Q&A: Coalfire on the Challenges of Selling Cyber Security

Posted on by Beth Negus Viveiros


With new breaches being revealed on an almost daily basis, cyber security is a red-hot topic. For cyber security professional services firm Coalfire Systems, this makes educating potential and current customers more important than ever.

Coalfire has 1,500+ customers in numerous vertical markets, including healthcare and retail, with a high concentration in high tech. We chatted with Patrick Kehoe, chief marketing and strategy officer, about the company’s marketing challenges and opportunities.

CM: What are the major hurdles when it comes to marketing cyber security services?

PK: On the one hand, you’d think it would be easy to market cyber security services but there are nuances and challenges. This is a very crowded and highly fragmented space. In other markets, much of the marketing happens with case studies. But few organizations are willing to share the approach they’re taking to secure because they want to protect their company against breaches.

CM: How do you get your voice heard in such an environment?

PK: Thought leadership is fundamental to our success. Many [B2B buying journeys] start today online, so search, content and thought syndication on digital avenues is a huge success for us. We are very keen to respond quickly when there is something happening in the market, and show not only what guidance we have in the organization but also tailor an ethical message to reinforce our thought leadership on the daily attacks that are happening, and educate stakeholders on what they need to know.

Patrick Kehoe

CM: How do you typically generate new leads?

PK: What we’re seeing is that in many organizations, management knows that they need to do something about cyber security, but they don’t know where to turn, so they’re deferring the selection to technical gurus to help them with problems. We want to enable technical people with insights and create awareness. We’re putting tools and resources into open source forums to [help people test] their vulnerability and create awareness. Another big piece is training—we’re trainers at the Black Hat USA conference, which is the biggest gathering of cyber security professionals. Positioning ourselves as trainers helps create demand.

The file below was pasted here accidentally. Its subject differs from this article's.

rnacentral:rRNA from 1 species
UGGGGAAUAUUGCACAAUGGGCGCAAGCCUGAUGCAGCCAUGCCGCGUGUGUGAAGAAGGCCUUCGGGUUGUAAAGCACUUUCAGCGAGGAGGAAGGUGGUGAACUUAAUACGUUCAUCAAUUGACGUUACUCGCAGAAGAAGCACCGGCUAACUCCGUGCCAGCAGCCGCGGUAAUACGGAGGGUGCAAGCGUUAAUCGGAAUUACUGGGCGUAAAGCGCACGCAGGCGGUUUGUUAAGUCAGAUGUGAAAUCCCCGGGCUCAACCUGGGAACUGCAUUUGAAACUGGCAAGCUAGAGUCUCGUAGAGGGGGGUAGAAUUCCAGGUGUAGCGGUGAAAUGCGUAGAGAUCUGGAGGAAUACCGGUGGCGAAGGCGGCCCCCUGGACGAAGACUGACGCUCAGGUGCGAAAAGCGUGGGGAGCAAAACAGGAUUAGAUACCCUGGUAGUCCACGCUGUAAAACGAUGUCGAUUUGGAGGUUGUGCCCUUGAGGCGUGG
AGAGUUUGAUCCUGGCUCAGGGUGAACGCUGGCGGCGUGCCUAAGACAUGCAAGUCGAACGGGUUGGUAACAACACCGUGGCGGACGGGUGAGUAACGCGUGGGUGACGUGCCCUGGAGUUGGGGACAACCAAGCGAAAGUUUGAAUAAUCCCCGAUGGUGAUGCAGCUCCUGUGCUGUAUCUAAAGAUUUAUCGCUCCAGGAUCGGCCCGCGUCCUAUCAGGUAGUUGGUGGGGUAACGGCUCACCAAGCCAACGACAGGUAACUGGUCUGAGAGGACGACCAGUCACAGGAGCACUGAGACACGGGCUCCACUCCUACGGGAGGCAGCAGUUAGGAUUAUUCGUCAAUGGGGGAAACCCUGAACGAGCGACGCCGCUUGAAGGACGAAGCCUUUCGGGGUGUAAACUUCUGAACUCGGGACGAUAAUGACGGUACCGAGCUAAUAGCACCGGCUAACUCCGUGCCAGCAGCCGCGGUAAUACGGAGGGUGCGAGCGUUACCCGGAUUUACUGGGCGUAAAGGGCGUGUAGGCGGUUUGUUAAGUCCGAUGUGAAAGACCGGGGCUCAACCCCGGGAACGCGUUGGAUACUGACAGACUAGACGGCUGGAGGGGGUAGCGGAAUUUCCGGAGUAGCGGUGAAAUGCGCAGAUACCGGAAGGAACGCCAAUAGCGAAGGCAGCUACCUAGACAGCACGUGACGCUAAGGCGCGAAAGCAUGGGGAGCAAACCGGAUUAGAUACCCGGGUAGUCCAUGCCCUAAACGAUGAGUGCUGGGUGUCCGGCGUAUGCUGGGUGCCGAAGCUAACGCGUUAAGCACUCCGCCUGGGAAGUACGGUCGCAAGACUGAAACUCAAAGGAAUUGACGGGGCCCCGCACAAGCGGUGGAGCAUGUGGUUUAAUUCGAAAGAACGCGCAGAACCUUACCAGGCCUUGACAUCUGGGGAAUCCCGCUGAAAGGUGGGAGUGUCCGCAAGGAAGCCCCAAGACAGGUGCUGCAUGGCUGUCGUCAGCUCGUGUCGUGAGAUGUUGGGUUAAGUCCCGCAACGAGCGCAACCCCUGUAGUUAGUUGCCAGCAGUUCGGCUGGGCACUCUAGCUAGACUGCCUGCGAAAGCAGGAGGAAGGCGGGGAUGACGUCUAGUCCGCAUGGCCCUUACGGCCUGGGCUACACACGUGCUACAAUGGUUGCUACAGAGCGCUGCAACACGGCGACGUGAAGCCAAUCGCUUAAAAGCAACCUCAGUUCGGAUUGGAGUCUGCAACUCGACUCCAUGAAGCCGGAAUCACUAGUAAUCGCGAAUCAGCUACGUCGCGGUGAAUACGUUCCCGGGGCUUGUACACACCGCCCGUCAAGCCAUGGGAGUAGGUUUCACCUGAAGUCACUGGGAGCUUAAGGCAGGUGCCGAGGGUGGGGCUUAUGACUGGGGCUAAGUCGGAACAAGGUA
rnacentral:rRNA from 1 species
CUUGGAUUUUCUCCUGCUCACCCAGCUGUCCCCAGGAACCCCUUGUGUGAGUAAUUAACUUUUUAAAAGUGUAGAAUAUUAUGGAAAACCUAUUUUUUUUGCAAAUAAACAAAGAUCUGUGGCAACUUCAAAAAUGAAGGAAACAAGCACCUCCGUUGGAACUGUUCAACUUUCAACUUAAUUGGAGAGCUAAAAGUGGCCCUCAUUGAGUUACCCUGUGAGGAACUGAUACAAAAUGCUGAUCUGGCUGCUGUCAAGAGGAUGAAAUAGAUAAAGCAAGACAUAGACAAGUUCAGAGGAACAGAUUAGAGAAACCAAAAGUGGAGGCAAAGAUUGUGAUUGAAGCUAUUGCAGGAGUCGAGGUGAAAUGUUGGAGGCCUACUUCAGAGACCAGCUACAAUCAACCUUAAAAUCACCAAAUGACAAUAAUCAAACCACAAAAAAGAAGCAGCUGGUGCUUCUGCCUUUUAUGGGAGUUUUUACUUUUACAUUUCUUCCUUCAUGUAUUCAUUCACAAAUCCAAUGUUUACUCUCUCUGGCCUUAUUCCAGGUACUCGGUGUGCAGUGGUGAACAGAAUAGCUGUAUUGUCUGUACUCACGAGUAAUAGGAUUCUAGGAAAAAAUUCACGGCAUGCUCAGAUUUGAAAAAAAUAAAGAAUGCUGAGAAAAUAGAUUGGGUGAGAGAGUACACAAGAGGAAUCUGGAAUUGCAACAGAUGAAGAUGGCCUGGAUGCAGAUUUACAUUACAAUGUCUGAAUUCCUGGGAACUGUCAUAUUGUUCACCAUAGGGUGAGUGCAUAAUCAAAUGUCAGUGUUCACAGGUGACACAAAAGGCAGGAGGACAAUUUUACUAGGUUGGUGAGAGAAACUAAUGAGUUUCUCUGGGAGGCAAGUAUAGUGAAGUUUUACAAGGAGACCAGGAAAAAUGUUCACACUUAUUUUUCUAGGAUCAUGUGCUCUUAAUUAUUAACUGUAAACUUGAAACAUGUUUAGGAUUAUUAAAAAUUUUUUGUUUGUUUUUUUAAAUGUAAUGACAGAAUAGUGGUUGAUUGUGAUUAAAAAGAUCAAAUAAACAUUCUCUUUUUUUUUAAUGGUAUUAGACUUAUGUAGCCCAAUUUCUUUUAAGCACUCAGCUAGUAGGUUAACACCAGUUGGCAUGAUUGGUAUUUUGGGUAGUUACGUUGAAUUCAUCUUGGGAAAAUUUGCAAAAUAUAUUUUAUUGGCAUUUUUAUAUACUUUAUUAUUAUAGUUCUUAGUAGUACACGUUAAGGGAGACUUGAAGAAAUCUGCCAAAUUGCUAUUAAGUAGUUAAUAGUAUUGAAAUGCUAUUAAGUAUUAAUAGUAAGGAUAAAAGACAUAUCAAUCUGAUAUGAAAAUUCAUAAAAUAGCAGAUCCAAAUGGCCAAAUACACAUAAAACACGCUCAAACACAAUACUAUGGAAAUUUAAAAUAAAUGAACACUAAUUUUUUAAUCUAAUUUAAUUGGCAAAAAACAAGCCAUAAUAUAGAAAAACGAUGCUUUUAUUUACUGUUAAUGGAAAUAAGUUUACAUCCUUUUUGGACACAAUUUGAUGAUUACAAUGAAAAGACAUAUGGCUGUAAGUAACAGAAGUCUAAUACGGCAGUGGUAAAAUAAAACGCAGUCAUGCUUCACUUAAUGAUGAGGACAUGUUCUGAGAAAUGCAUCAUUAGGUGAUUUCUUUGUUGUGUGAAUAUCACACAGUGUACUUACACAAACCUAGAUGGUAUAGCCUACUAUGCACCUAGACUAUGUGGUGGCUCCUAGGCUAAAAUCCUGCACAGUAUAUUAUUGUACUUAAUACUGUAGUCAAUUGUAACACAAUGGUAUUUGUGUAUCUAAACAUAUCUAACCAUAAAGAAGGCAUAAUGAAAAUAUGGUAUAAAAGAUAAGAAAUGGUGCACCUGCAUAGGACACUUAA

CM: How long is your typical conversion process?

PK: We have a three to six month sales cycle, sometimes shorter if [a prospect] has had a breach. We use drip campaigns to feed information relevant to customers’ areas of interest, and have a lead scoring mechanism using Pardot and Salesforce. We will trigger an opportunity for sales follow-up if someone has engaged with us and have a tight filter on our lead process.

CM: Do most prospects often wait until they’ve had a breach to connect with you?

PK: No, most organizations reach out before a breach. Everyone is realizing that they need to get help. When an organization is starting out, the focus is on compliance—if they need to process credit cards, they nee to meet certain requirements with the credit card companies. In most cases, companies acknowledge that they need to address this issue.

CM: Once you have a customer, what sort of retention initiatives do you have in place?

PK: One of our main techniques is education. For example, a large software company pays us to hack into their software and find holes in their security posture. We also periodic newsletters to customers, and have open rates of 10 to 15 percent.

CM: How do you gauge the ROI of your marketing efforts?

PK: We have an end-to-end capability to understand where [leads] come from and track them through to sale. We report the revenue that a tactic is linked to—in B2B, it’s a multitouch model and we engage many times throughout the sales process. There’s a lot of preparation before people engage a sales rep.

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